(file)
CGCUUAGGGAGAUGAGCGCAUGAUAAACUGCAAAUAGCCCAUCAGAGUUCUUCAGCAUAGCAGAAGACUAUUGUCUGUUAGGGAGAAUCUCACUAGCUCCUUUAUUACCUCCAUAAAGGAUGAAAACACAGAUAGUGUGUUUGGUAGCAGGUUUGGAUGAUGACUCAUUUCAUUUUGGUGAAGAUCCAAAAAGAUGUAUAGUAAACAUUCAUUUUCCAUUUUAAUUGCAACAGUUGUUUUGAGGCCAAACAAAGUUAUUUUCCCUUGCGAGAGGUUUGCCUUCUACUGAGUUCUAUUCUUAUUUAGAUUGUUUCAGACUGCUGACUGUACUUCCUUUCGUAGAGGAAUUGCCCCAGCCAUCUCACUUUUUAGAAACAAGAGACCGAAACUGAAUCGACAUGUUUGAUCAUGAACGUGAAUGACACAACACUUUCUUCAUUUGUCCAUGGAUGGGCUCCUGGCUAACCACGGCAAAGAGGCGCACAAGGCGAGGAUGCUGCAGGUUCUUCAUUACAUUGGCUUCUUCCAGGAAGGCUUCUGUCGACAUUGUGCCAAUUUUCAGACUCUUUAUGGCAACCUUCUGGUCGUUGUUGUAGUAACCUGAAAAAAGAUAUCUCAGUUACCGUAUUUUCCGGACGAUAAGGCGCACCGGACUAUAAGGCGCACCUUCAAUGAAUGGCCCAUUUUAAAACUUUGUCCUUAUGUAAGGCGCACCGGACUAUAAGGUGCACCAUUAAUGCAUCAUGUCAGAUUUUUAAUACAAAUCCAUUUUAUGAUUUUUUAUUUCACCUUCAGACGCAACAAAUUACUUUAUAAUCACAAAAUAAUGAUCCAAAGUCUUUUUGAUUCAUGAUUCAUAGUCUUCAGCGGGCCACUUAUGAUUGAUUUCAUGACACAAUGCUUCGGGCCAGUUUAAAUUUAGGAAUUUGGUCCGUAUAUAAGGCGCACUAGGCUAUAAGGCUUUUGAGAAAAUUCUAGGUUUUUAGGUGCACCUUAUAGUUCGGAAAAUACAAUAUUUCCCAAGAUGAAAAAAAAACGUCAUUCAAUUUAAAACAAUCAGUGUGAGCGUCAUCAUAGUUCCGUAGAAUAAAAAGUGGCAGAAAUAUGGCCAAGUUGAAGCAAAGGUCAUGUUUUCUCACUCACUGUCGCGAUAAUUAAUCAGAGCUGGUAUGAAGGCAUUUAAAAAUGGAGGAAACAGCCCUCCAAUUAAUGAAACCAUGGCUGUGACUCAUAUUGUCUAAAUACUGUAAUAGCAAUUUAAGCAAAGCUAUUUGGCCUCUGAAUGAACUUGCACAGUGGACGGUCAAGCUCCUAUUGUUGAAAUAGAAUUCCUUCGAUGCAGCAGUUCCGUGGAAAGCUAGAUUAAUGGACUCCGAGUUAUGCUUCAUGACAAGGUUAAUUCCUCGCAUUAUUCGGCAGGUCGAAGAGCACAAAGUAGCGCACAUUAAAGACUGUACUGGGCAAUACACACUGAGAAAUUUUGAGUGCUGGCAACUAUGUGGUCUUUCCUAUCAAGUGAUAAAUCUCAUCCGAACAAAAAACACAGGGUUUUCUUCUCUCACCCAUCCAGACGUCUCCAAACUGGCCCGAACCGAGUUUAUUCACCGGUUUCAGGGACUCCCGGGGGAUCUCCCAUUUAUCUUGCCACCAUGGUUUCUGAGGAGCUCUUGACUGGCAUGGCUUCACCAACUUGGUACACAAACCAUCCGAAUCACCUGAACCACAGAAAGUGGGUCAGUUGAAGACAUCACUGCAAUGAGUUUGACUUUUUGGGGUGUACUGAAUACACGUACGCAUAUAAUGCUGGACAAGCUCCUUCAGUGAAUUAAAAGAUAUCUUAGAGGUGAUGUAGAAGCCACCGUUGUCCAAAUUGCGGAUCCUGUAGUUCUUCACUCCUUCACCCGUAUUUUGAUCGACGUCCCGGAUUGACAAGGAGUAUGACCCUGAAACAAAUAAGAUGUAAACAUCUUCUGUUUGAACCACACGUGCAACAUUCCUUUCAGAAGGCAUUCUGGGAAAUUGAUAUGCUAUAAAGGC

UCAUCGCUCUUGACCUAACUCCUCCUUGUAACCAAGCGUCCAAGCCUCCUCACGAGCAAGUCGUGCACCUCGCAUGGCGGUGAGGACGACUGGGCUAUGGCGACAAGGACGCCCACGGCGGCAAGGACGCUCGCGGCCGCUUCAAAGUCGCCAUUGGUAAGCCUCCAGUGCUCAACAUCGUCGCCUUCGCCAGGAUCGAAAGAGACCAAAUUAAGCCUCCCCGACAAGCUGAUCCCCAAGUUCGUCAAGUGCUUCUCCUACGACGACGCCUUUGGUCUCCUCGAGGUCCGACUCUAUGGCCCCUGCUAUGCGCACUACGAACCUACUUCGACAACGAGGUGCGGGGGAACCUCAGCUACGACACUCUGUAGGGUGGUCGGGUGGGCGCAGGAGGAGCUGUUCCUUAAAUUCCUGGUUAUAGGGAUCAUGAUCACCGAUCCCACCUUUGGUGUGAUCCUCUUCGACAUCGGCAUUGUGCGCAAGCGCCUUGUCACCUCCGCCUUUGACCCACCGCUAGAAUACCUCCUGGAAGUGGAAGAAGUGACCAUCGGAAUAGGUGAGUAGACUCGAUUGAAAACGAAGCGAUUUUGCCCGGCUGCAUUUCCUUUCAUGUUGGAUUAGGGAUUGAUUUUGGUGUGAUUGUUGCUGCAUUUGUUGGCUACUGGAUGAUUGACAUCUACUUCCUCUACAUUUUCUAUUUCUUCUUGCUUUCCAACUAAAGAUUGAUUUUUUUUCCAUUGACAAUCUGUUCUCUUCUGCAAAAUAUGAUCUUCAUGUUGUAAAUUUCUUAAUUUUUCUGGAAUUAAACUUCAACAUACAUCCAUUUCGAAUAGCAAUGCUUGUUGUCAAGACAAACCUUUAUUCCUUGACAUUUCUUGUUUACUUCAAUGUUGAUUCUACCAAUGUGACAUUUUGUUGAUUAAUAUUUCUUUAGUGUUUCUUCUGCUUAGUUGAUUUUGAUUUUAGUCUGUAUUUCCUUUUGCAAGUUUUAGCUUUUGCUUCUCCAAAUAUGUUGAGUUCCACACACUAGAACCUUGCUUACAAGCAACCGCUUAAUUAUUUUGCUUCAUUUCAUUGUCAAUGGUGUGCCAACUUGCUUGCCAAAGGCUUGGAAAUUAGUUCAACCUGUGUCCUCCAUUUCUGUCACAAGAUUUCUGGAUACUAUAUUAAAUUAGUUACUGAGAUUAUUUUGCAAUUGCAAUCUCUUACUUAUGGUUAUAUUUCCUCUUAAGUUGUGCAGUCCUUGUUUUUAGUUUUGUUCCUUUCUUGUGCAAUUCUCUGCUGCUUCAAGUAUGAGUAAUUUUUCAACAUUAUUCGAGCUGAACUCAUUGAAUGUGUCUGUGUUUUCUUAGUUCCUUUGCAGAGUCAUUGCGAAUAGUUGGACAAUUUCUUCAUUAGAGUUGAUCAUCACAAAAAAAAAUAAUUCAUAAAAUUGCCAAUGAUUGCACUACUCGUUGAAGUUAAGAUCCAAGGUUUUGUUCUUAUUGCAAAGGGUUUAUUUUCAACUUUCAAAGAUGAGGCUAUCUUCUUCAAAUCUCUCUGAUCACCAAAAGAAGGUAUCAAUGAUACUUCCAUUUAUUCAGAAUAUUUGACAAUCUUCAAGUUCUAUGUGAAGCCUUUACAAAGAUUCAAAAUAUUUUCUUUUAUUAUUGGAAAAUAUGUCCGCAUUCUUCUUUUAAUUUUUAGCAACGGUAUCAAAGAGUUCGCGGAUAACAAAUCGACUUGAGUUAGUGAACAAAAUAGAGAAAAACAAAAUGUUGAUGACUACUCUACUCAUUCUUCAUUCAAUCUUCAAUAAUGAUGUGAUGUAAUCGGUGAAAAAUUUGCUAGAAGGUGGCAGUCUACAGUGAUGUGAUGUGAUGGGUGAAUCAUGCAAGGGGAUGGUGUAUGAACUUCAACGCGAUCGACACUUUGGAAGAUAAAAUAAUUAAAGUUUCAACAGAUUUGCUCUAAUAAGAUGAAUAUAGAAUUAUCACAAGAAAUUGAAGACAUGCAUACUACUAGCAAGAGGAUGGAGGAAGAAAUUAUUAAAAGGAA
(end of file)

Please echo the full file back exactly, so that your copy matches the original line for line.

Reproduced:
CGCUUAGGGAGAUGAGCGCAUGAUAAACUGCAAAUAGCCCAUCAGAGUUCUUCAGCAUAGCAGAAGACUAUUGUCUGUUAGGGAGAAUCUCACUAGCUCCUUUAUUACCUCCAUAAAGGAUGAAAACACAGAUAGUGUGUUUGGUAGCAGGUUUGGAUGAUGACUCAUUUCAUUUUGGUGAAGAUCCAAAAAGAUGUAUAGUAAACAUUCAUUUUCCAUUUUAAUUGCAACAGUUGUUUUGAGGCCAAACAAAGUUAUUUUCCCUUGCGAGAGGUUUGCCUUCUACUGAGUUCUAUUCUUAUUUAGAUUGUUUCAGACUGCUGACUGUACUUCCUUUCGUAGAGGAAUUGCCCCAGCCAUCUCACUUUUUAGAAACAAGAGACCGAAACUGAAUCGACAUGUUUGAUCAUGAACGUGAAUGACACAACACUUUCUUCAUUUGUCCAUGGAUGGGCUCCUGGCUAACCACGGCAAAGAGGCGCACAAGGCGAGGAUGCUGCAGGUUCUUCAUUACAUUGGCUUCUUCCAGGAAGGCUUCUGUCGACAUUGUGCCAAUUUUCAGACUCUUUAUGGCAACCUUCUGGUCGUUGUUGUAGUAACCUGAAAAAAGAUAUCUCAGUUACCGUAUUUUCCGGACGAUAAGGCGCACCGGACUAUAAGGCGCACCUUCAAUGAAUGGCCCAUUUUAAAACUUUGUCCUUAUGUAAGGCGCACCGGACUAUAAGGUGCACCAUUAAUGCAUCAUGUCAGAUUUUUAAUACAAAUCCAUUUUAUGAUUUUUUAUUUCACCUUCAGACGCAACAAAUUACUUUAUAAUCACAAAAUAAUGAUCCAAAGUCUUUUUGAUUCAUGAUUCAUAGUCUUCAGCGGGCCACUUAUGAUUGAUUUCAUGACACAAUGCUUCGGGCCAGUUUAAAUUUAGGAAUUUGGUCCGUAUAUAAGGCGCACUAGGCUAUAAGGCUUUUGAGAAAAUUCUAGGUUUUUAGGUGCACCUUAUAGUUCGGAAAAUACAAUAUUUCCCAAGAUGAAAAAAAAACGUCAUUCAAUUUAAAACAAUCAGUGUGAGCGUCAUCAUAGUUCCGUAGAAUAAAAAGUGGCAGAAAUAUGGCCAAGUUGAAGCAAAGGUCAUGUUUUCUCACUCACUGUCGCGAUAAUUAAUCAGAGCUGGUAUGAAGGCAUUUAAAAAUGGAGGAAACAGCCCUCCAAUUAAUGAAACCAUGGCUGUGACUCAUAUUGUCUAAAUACUGUAAUAGCAAUUUAAGCAAAGCUAUUUGGCCUCUGAAUGAACUUGCACAGUGGACGGUCAAGCUCCUAUUGUUGAAAUAGAAUUCCUUCGAUGCAGCAGUUCCGUGGAAAGCUAGAUUAAUGGACUCCGAGUUAUGCUUCAUGACAAGGUUAAUUCCUCGCAUUAUUCGGCAGGUCGAAGAGCACAAAGUAGCGCACAUUAAAGACUGUACUGGGCAAUACACACUGAGAAAUUUUGAGUGCUGGCAACUAUGUGGUCUUUCCUAUCAAGUGAUAAAUCUCAUCCGAACAAAAAACACAGGGUUUUCUUCUCUCACCCAUCCAGACGUCUCCAAACUGGCCCGAACCGAGUUUAUUCACCGGUUUCAGGGACUCCCGGGGGAUCUCCCAUUUAUCUUGCCACCAUGGUUUCUGAGGAGCUCUUGACUGGCAUGGCUUCACCAACUUGGUACACAAACCAUCCGAAUCACCUGAACCACAGAAAGUGGGUCAGUUGAAGACAUCACUGCAAUGAGUUUGACUUUUUGGGGUGUACUGAAUACACGUACGCAUAUAAUGCUGGACAAGCUCCUUCAGUGAAUUAAAAGAUAUCUUAGAGGUGAUGUAGAAGCCACCGUUGUCCAAAUUGCGGAUCCUGUAGUUCUUCACUCCUUCACCCGUAUUUUGAUCGACGUCCCGGAUUGACAAGGAGUAUGACCCUGAAACAAAUAAGAUGUAAACAUCUUCUGUUUGAACCACACGUGCAACAUUCCUUUCAGAAGGCAUUCUGGGAAAUUGAUAUGCUAUAAAGGC

UCAUCGCUCUUGACCUAACUCCUCCUUGUAACCAAGCGUCCAAGCCUCCUCACGAGCAAGUCGUGCACCUCGCAUGGCGGUGAGGACGACUGGGCUAUGGCGACAAGGACGCCCACGGCGGCAAGGACGCUCGCGGCCGCUUCAAAGUCGCCAUUGGUAAGCCUCCAGUGCUCAACAUCGUCGCCUUCGCCAGGAUCGAAAGAGACCAAAUUAAGCCUCCCCGACAAGCUGAUCCCCAAGUUCGUCAAGUGCUUCUCCUACGACGACGCCUUUGGUCUCCUCGAGGUCCGACUCUAUGGCCCCUGCUAUGCGCACUACGAACCUACUUCGACAACGAGGUGCGGGGGAACCUCAGCUACGACACUCUGUAGGGUGGUCGGGUGGGCGCAGGAGGAGCUGUUCCUUAAAUUCCUGGUUAUAGGGAUCAUGAUCACCGAUCCCACCUUUGGUGUGAUCCUCUUCGACAUCGGCAUUGUGCGCAAGCGCCUUGUCACCUCCGCCUUUGACCCACCGCUAGAAUACCUCCUGGAAGUGGAAGAAGUGACCAUCGGAAUAGGUGAGUAGACUCGAUUGAAAACGAAGCGAUUUUGCCCGGCUGCAUUUCCUUUCAUGUUGGAUUAGGGAUUGAUUUUGGUGUGAUUGUUGCUGCAUUUGUUGGCUACUGGAUGAUUGACAUCUACUUCCUCUACAUUUUCUAUUUCUUCUUGCUUUCCAACUAAAGAUUGAUUUUUUUUCCAUUGACAAUCUGUUCUCUUCUGCAAAAUAUGAUCUUCAUGUUGUAAAUUUCUUAAUUUUUCUGGAAUUAAACUUCAACAUACAUCCAUUUCGAAUAGCAAUGCUUGUUGUCAAGACAAACCUUUAUUCCUUGACAUUUCUUGUUUACUUCAAUGUUGAUUCUACCAAUGUGACAUUUUGUUGAUUAAUAUUUCUUUAGUGUUUCUUCUGCUUAGUUGAUUUUGAUUUUAGUCUGUAUUUCCUUUUGCAAGUUUUAGCUUUUGCUUCUCCAAAUAUGUUGAGUUCCACACACUAGAACCUUGCUUACAAGCAACCGCUUAAUUAUUUUGCUUCAUUUCAUUGUCAAUGGUGUGCCAACUUGCUUGCCAAAGGCUUGGAAAUUAGUUCAACCUGUGUCCUCCAUUUCUGUCACAAGAUUUCUGGAUACUAUAUUAAAUUAGUUACUGAGAUUAUUUUGCAAUUGCAAUCUCUUACUUAUGGUUAUAUUUCCUCUUAAGUUGUGCAGUCCUUGUUUUUAGUUUUGUUCCUUUCUUGUGCAAUUCUCUGCUGCUUCAAGUAUGAGUAAUUUUUCAACAUUAUUCGAGCUGAACUCAUUGAAUGUGUCUGUGUUUUCUUAGUUCCUUUGCAGAGUCAUUGCGAAUAGUUGGACAAUUUCUUCAUUAGAGUUGAUCAUCACAAAAAAAAAUAAUUCAUAAAAUUGCCAAUGAUUGCACUACUCGUUGAAGUUAAGAUCCAAGGUUUUGUUCUUAUUGCAAAGGGUUUAUUUUCAACUUUCAAAGAUGAGGCUAUCUUCUUCAAAUCUCUCUGAUCACCAAAAGAAGGUAUCAAUGAUACUUCCAUUUAUUCAGAAUAUUUGACAAUCUUCAAGUUCUAUGUGAAGCCUUUACAAAGAUUCAAAAUAUUUUCUUUUAUUAUUGGAAAAUAUGUCCGCAUUCUUCUUUUAAUUUUUAGCAACGGUAUCAAAGAGUUCGCGGAUAACAAAUCGACUUGAGUUAGUGAACAAAAUAGAGAAAAACAAAAUGUUGAUGACUACUCUACUCAUUCUUCAUUCAAUCUUCAAUAAUGAUGUGAUGUAAUCGGUGAAAAAUUUGCUAGAAGGUGGCAGUCUACAGUGAUGUGAUGUGAUGGGUGAAUCAUGCAAGGGGAUGGUGUAUGAACUUCAACGCGAUCGACACUUUGGAAGAUAAAAUAAUUAAAGUUUCAACAGAUUUGCUCUAAUAAGAUGAAUAUAGAAUUAUCACAAGAAAUUGAAGACAUGCAUACUACUAGCAAGAGGAUGGAGGAAGAAAUUAUUAAAAGGAA